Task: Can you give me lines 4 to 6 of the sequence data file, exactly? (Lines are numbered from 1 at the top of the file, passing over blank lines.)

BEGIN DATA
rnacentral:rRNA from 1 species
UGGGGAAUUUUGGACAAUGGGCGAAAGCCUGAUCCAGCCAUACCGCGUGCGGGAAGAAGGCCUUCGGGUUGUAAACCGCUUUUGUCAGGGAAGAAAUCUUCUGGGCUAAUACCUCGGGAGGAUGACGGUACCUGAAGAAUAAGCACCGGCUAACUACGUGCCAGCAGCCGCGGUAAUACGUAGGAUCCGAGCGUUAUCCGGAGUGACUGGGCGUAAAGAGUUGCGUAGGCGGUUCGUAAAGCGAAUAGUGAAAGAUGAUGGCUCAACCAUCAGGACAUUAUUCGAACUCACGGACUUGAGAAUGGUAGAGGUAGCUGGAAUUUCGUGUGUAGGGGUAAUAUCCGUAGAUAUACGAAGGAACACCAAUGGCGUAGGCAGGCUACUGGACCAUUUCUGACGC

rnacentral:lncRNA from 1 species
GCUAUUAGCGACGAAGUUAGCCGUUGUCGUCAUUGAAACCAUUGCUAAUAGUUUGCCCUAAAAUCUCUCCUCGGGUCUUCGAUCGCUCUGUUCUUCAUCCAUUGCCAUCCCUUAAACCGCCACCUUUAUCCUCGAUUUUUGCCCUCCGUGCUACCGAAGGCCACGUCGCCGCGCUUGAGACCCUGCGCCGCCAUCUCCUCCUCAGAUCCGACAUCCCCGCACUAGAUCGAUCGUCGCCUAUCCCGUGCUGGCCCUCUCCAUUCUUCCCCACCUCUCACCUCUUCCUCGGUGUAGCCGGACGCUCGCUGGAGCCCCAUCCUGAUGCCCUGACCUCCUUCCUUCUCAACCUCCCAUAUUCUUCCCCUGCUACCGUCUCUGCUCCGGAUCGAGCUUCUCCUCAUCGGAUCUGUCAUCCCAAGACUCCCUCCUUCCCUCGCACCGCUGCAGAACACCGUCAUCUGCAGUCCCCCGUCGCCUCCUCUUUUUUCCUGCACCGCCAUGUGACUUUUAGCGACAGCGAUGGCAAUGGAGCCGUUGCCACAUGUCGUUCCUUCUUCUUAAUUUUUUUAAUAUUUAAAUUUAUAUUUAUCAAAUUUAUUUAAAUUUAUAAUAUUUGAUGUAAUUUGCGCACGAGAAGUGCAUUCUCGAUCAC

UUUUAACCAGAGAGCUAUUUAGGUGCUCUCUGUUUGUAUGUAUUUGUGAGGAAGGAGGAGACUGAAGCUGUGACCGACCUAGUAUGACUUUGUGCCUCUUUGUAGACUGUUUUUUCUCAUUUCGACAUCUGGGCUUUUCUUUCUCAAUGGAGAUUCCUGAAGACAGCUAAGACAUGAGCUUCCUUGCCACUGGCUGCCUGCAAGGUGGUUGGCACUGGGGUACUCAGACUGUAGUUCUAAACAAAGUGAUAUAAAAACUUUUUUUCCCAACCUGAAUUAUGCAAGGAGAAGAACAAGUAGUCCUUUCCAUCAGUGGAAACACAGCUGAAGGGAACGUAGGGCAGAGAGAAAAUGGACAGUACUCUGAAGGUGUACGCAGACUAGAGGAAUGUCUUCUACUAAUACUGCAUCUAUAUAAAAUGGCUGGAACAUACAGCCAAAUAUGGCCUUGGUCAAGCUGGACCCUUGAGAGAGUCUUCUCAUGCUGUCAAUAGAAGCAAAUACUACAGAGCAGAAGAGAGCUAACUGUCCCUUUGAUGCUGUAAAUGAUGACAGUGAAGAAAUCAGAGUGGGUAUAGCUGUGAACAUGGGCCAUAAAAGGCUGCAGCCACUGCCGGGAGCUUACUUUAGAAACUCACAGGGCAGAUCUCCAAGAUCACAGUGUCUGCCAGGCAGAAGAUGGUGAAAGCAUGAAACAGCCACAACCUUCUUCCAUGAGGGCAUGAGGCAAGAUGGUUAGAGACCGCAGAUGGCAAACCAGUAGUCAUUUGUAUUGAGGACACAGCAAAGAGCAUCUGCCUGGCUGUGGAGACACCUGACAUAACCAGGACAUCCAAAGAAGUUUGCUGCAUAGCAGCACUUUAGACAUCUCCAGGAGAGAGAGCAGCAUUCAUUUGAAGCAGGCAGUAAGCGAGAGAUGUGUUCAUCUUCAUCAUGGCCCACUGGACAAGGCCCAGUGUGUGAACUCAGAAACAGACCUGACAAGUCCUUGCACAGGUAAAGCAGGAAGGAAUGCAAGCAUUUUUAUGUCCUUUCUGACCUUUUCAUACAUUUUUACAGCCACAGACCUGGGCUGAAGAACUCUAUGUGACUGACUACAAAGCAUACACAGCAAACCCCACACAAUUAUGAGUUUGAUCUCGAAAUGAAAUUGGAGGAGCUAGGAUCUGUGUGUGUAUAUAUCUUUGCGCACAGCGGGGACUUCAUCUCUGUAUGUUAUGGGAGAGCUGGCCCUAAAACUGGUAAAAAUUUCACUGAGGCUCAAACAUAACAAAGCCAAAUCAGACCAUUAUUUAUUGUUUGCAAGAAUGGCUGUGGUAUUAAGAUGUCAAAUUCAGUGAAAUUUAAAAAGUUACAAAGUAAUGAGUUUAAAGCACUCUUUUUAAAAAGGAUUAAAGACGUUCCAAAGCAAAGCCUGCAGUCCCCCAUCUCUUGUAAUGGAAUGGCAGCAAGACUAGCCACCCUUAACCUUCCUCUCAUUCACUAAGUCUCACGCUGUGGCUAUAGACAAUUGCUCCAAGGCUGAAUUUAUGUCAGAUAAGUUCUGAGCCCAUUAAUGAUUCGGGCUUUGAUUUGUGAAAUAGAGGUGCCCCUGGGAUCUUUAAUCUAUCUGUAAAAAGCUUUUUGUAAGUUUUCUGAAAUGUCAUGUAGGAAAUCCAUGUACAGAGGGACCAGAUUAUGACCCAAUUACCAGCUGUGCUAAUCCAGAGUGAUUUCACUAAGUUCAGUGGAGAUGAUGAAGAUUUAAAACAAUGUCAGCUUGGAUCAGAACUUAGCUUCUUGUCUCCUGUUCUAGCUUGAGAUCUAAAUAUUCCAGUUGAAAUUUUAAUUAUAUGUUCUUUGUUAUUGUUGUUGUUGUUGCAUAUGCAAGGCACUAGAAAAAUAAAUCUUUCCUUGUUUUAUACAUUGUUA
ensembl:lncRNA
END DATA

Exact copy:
GCUAUUAGCGACGAAGUUAGCCGUUGUCGUCAUUGAAACCAUUGCUAAUAGUUUGCCCUAAAAUCUCUCCUCGGGUCUUCGAUCGCUCUGUUCUUCAUCCAUUGCCAUCCCUUAAACCGCCACCUUUAUCCUCGAUUUUUGCCCUCCGUGCUACCGAAGGCCACGUCGCCGCGCUUGAGACCCUGCGCCGCCAUCUCCUCCUCAGAUCCGACAUCCCCGCACUAGAUCGAUCGUCGCCUAUCCCGUGCUGGCCCUCUCCAUUCUUCCCCACCUCUCACCUCUUCCUCGGUGUAGCCGGACGCUCGCUGGAGCCCCAUCCUGAUGCCCUGACCUCCUUCCUUCUCAACCUCCCAUAUUCUUCCCCUGCUACCGUCUCUGCUCCGGAUCGAGCUUCUCCUCAUCGGAUCUGUCAUCCCAAGACUCCCUCCUUCCCUCGCACCGCUGCAGAACACCGUCAUCUGCAGUCCCCCGUCGCCUCCUCUUUUUUCCUGCACCGCCAUGUGACUUUUAGCGACAGCGAUGGCAAUGGAGCCGUUGCCACAUGUCGUUCCUUCUUCUUAAUUUUUUUAAUAUUUAAAUUUAUAUUUAUCAAAUUUAUUUAAAUUUAUAAUAUUUGAUGUAAUUUGCGCACGAGAAGUGCAUUCUCGAUCAC

UUUUAACCAGAGAGCUAUUUAGGUGCUCUCUGUUUGUAUGUAUUUGUGAGGAAGGAGGAGACUGAAGCUGUGACCGACCUAGUAUGACUUUGUGCCUCUUUGUAGACUGUUUUUUCUCAUUUCGACAUCUGGGCUUUUCUUUCUCAAUGGAGAUUCCUGAAGACAGCUAAGACAUGAGCUUCCUUGCCACUGGCUGCCUGCAAGGUGGUUGGCACUGGGGUACUCAGACUGUAGUUCUAAACAAAGUGAUAUAAAAACUUUUUUUCCCAACCUGAAUUAUGCAAGGAGAAGAACAAGUAGUCCUUUCCAUCAGUGGAAACACAGCUGAAGGGAACGUAGGGCAGAGAGAAAAUGGACAGUACUCUGAAGGUGUACGCAGACUAGAGGAAUGUCUUCUACUAAUACUGCAUCUAUAUAAAAUGGCUGGAACAUACAGCCAAAUAUGGCCUUGGUCAAGCUGGACCCUUGAGAGAGUCUUCUCAUGCUGUCAAUAGAAGCAAAUACUACAGAGCAGAAGAGAGCUAACUGUCCCUUUGAUGCUGUAAAUGAUGACAGUGAAGAAAUCAGAGUGGGUAUAGCUGUGAACAUGGGCCAUAAAAGGCUGCAGCCACUGCCGGGAGCUUACUUUAGAAACUCACAGGGCAGAUCUCCAAGAUCACAGUGUCUGCCAGGCAGAAGAUGGUGAAAGCAUGAAACAGCCACAACCUUCUUCCAUGAGGGCAUGAGGCAAGAUGGUUAGAGACCGCAGAUGGCAAACCAGUAGUCAUUUGUAUUGAGGACACAGCAAAGAGCAUCUGCCUGGCUGUGGAGACACCUGACAUAACCAGGACAUCCAAAGAAGUUUGCUGCAUAGCAGCACUUUAGACAUCUCCAGGAGAGAGAGCAGCAUUCAUUUGAAGCAGGCAGUAAGCGAGAGAUGUGUUCAUCUUCAUCAUGGCCCACUGGACAAGGCCCAGUGUGUGAACUCAGAAACAGACCUGACAAGUCCUUGCACAGGUAAAGCAGGAAGGAAUGCAAGCAUUUUUAUGUCCUUUCUGACCUUUUCAUACAUUUUUACAGCCACAGACCUGGGCUGAAGAACUCUAUGUGACUGACUACAAAGCAUACACAGCAAACCCCACACAAUUAUGAGUUUGAUCUCGAAAUGAAAUUGGAGGAGCUAGGAUCUGUGUGUGUAUAUAUCUUUGCGCACAGCGGGGACUUCAUCUCUGUAUGUUAUGGGAGAGCUGGCCCUAAAACUGGUAAAAAUUUCACUGAGGCUCAAACAUAACAAAGCCAAAUCAGACCAUUAUUUAUUGUUUGCAAGAAUGGCUGUGGUAUUAAGAUGUCAAAUUCAGUGAAAUUUAAAAAGUUACAAAGUAAUGAGUUUAAAGCACUCUUUUUAAAAAGGAUUAAAGACGUUCCAAAGCAAAGCCUGCAGUCCCCCAUCUCUUGUAAUGGAAUGGCAGCAAGACUAGCCACCCUUAACCUUCCUCUCAUUCACUAAGUCUCACGCUGUGGCUAUAGACAAUUGCUCCAAGGCUGAAUUUAUGUCAGAUAAGUUCUGAGCCCAUUAAUGAUUCGGGCUUUGAUUUGUGAAAUAGAGGUGCCCCUGGGAUCUUUAAUCUAUCUGUAAAAAGCUUUUUGUAAGUUUUCUGAAAUGUCAUGUAGGAAAUCCAUGUACAGAGGGACCAGAUUAUGACCCAAUUACCAGCUGUGCUAAUCCAGAGUGAUUUCACUAAGUUCAGUGGAGAUGAUGAAGAUUUAAAACAAUGUCAGCUUGGAUCAGAACUUAGCUUCUUGUCUCCUGUUCUAGCUUGAGAUCUAAAUAUUCCAGUUGAAAUUUUAAUUAUAUGUUCUUUGUUAUUGUUGUUGUUGUUGCAUAUGCAAGGCACUAGAAAAAUAAAUCUUUCCUUGUUUUAUACAUUGUUA
ensembl:lncRNA